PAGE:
This is the latest in a series on the use of the race card for political gain:
This also is the latest in the “these people are nuts in the head” series.
Via Volokh Conspiracy, comes the controversy in Vermont over the slogan “Pure Vermont.”
First some background. Using the word “Vermont” in connection with a product actually increases the product’s worth in the eyes of consumers, so much so that the Vermont legislature has looked into various ways to market and certify the Vermont brand. Think Vermont, and think of Ben & Jerry’s, Cabot Cheese, Vermont Teddy Bears, the Green Mountains, maple syrup, cows grazing on hillsides, etc.
Vermont = Good.
It is not surprising that many Vermont businesses use the marketing term “Pure Vermont” (or sometimes “Vermont Pure“) to emphasize that the product actually was made in Vermont. There is a Pure Vermont Building Company, and plenty of maple syrup producers touting their “Pure Vermont” product.
The reaction from political opponents was … wait for it … Racist!
When I first saw that a “Pure Vermont” tour was coming to St. Albans as part of Brian Dubie’s campaign I thought of white supremacists, the Spanish Inquisition and a host of other unsavory associations. Then I started to think about it some more and things really got scary.
But the theme really was elevated two days ago through a column in the Brattleboro Reformer (emphasis mine):
Brian Dubie’s “Pure Vermont” brand is another example of cross-cultural blundering. Presumably, the slogan refers to Vermont’s agricultural products and environmental legacy. But for many Vermonters, these words denote racial, religious and cultural oppression. They imply that Vermont is a place reserved for white Christians.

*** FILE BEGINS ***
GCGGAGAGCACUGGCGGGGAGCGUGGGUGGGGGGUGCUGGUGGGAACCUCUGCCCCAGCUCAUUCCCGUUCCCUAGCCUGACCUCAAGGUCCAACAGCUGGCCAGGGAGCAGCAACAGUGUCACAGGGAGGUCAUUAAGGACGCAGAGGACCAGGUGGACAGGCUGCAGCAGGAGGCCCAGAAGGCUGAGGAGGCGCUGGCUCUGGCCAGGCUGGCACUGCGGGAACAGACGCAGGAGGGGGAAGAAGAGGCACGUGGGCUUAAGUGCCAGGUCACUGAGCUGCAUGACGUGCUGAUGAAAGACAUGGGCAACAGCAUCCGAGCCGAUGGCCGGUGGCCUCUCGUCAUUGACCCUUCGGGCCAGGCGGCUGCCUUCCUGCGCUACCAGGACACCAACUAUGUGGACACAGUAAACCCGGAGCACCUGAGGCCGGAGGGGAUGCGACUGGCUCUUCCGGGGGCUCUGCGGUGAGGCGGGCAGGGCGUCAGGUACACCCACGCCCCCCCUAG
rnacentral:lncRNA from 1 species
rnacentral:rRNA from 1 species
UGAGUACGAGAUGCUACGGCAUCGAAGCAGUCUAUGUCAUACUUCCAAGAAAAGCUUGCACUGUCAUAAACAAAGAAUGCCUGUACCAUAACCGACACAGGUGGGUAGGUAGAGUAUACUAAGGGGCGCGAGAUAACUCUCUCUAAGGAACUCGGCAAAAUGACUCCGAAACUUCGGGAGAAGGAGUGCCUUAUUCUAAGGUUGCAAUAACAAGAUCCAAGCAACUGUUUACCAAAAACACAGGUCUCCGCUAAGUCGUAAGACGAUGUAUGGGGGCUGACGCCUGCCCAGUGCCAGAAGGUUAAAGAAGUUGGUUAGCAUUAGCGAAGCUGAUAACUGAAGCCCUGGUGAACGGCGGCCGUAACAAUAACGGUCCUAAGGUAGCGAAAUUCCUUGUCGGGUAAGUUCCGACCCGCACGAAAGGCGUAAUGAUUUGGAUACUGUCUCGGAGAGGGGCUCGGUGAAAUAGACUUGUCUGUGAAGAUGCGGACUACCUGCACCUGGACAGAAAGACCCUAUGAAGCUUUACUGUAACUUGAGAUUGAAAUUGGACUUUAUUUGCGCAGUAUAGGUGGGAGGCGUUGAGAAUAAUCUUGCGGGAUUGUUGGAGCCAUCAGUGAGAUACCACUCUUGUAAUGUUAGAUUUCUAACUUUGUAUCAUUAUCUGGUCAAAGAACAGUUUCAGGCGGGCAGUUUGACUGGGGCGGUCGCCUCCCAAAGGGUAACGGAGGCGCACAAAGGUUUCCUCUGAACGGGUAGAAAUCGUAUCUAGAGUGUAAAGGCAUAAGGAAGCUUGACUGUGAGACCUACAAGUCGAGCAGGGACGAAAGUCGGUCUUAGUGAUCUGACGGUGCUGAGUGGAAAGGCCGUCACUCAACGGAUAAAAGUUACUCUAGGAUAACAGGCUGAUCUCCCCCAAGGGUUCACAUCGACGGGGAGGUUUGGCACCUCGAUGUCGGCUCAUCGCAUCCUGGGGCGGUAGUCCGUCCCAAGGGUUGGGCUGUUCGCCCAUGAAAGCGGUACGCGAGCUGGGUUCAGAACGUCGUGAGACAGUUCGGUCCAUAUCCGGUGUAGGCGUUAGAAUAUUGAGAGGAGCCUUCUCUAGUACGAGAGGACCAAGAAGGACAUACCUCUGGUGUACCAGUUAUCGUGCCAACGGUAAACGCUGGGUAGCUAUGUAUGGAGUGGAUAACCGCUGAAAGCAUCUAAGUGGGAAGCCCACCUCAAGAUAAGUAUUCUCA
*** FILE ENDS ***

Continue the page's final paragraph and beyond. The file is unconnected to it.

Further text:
By using the “Vermont Pure” slogan, according to the columnist, Dubie was honoring Nazi eugenics theory, racial segregation, and contributing to LGBT suicides (emphasis mine):
Dubie’s brand resurrects the horror of the Eugenics Survey and the 1931 passage of An Act for Human Betterment by Voluntary Sterilization. This measure codified the practice of racism, harassment, and the sterilization of the Abenaki people. “Pure Vermont” raises the specter of Hilter’s Aryan Nation and the Khmer Rouge where the purifying agent was genocide.
And the slogan is a bitter reminder of the bigotry and racial segregation experienced by blacks under slavery and Jim Crow. The precipitous drop of Vermont’s black population in the early 20th century was no doubt partially due to the Klan’s efforts to keep Vermont pure.
More than a remnant of our recent past, racism and bias are stubborn problems in our schools. The brand turns a deaf ear to the sensitivities of students of color and LGBT students. Too often the target of brutal bullying, suicide attempts among these student populations are three to eight times higher than those of white or heterosexual students.
Now it would be easy to laugh this off.
But the author of the column quoted above was Curtiss Reed Jr., who from 2004-2010 served on the 17 member Vermont Advisory Committee to the U.S. Commission on Civil Rights (from 2008-2010, Reed was Chair). In that capacity, Reed was responsible, among other things, for submitting a 2008 report on Racial Profiling in Vermont.
Reed also is Executive Director of The Vermont Partnership for Fairness and Diversity (formerly called ALANA Community Organization) which strives to be ” the most respected and successful guardian of social justice in the state of Vermont.”
The Vermont Partnership received a $75,000 grant from Ben & Jerry’s which it used to facilitate presentations to Vermont school children “to help all students rethink their attitudes about the significant roles that ethnic and racial minorities play in Vermont today.”
The Vermont Department of Education also authorizes The Vermont Partnership to provide programming in schools on work related issues, including “how to recruit, hire and retain a diverse workforce and how to create and sustain an inclusive and equitable workplace.”
In case you think Reed has gone rogue, The Vermont Partnership features the column quoted above on its Facebook page.
This is no rogue author. This is mainstream racial demagoguery masquerading as social justice activism used against a Republican to implicitly make a charge of racism on the eve of an election.
As for Reed’s assertion that “Pure Vermont” invokes images of Klansmen, ethnic cleansing, eugenics, and persecution of “people of color” and gays … I say, that’s …
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